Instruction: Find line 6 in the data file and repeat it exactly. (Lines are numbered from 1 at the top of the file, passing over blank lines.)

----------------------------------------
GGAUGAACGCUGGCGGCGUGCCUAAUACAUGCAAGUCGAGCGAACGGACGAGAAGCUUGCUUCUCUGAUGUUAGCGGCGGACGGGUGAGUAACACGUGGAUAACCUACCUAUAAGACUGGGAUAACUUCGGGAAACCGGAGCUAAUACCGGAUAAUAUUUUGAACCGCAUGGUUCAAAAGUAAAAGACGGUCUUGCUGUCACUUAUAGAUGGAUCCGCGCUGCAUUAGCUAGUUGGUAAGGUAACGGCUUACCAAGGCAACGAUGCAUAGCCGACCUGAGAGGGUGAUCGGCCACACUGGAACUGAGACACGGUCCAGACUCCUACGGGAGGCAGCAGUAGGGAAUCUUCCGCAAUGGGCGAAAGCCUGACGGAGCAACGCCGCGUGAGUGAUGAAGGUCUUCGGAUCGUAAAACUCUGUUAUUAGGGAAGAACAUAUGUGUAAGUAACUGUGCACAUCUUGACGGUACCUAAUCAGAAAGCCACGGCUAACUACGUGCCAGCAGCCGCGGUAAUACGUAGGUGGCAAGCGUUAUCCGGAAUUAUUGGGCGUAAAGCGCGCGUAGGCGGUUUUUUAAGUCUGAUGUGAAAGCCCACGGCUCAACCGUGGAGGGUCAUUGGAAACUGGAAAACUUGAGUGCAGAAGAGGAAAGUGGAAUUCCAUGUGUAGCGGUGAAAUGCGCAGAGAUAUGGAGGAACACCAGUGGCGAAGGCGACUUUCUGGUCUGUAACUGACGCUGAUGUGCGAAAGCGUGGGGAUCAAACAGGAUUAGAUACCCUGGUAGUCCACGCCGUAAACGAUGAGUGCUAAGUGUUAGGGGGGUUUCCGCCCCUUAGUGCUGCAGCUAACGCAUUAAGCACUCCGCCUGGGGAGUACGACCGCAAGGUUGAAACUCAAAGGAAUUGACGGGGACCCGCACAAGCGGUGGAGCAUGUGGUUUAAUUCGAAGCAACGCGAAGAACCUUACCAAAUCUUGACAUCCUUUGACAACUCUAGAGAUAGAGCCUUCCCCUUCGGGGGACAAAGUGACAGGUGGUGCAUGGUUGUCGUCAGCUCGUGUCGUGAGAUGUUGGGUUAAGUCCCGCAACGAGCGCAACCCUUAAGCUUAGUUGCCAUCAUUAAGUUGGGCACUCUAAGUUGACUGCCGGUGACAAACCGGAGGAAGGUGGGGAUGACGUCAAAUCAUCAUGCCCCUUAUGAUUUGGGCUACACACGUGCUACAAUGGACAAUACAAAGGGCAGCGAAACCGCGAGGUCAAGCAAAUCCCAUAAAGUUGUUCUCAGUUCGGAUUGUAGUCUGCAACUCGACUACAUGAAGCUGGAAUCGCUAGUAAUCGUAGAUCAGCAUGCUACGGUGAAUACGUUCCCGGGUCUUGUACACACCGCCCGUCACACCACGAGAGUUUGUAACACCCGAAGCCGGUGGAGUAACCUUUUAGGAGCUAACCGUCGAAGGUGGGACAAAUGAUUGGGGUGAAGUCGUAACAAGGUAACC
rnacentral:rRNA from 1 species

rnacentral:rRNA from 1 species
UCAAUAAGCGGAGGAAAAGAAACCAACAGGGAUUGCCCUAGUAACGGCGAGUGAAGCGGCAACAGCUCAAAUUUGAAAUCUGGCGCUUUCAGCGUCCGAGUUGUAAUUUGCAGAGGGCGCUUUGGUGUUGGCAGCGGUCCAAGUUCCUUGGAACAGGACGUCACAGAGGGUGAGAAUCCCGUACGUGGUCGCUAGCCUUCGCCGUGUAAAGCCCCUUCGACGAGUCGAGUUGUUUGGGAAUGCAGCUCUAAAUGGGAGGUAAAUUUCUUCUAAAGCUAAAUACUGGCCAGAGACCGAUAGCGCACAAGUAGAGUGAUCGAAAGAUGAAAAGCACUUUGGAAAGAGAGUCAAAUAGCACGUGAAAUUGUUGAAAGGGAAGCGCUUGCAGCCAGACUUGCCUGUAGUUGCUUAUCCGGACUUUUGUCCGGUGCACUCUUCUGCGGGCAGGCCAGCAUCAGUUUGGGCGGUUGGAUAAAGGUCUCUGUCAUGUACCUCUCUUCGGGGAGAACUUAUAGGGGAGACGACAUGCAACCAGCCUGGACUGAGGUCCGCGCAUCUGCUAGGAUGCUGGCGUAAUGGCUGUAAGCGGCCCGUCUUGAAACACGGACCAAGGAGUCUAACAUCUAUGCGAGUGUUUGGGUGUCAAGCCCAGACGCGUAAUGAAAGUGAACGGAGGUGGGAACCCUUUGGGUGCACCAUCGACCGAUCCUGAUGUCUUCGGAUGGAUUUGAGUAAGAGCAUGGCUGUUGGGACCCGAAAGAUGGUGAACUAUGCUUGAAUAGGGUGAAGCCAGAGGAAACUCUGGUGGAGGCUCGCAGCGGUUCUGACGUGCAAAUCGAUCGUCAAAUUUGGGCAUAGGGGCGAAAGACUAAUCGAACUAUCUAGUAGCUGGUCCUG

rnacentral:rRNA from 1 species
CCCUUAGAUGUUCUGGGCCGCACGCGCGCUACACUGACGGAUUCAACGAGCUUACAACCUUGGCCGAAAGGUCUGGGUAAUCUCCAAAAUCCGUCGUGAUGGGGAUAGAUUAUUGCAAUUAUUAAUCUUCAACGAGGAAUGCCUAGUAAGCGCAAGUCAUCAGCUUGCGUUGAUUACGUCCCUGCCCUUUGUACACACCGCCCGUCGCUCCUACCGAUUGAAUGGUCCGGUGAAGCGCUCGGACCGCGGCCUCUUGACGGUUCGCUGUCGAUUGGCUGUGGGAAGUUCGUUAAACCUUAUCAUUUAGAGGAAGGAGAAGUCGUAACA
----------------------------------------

CCCUUAGAUGUUCUGGGCCGCACGCGCGCUACACUGACGGAUUCAACGAGCUUACAACCUUGGCCGAAAGGUCUGGGUAAUCUCCAAAAUCCGUCGUGAUGGGGAUAGAUUAUUGCAAUUAUUAAUCUUCAACGAGGAAUGCCUAGUAAGCGCAAGUCAUCAGCUUGCGUUGAUUACGUCCCUGCCCUUUGUACACACCGCCCGUCGCUCCUACCGAUUGAAUGGUCCGGUGAAGCGCUCGGACCGCGGCCUCUUGACGGUUCGCUGUCGAUUGGCUGUGGGAAGUUCGUUAAACCUUAUCAUUUAGAGGAAGGAGAAGUCGUAACA